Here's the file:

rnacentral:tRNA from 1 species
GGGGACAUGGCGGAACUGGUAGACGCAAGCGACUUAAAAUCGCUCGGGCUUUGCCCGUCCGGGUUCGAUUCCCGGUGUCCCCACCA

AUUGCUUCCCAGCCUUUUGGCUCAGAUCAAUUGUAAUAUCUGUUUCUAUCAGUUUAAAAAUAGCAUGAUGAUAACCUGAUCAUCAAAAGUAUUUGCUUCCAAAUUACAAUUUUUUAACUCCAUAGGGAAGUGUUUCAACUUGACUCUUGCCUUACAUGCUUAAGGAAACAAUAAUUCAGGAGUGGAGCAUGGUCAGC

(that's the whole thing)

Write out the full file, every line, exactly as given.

rnacentral:tRNA from 1 species
GGGGACAUGGCGGAACUGGUAGACGCAAGCGACUUAAAAUCGCUCGGGCUUUGCCCGUCCGGGUUCGAUUCCCGGUGUCCCCACCA

AUUGCUUCCCAGCCUUUUGGCUCAGAUCAAUUGUAAUAUCUGUUUCUAUCAGUUUAAAAAUAGCAUGAUGAUAACCUGAUCAUCAAAAGUAUUUGCUUCCAAAUUACAAUUUUUUAACUCCAUAGGGAAGUGUUUCAACUUGACUCUUGCCUUACAUGCUUAAGGAAACAAUAAUUCAGGAGUGGAGCAUGGUCAGC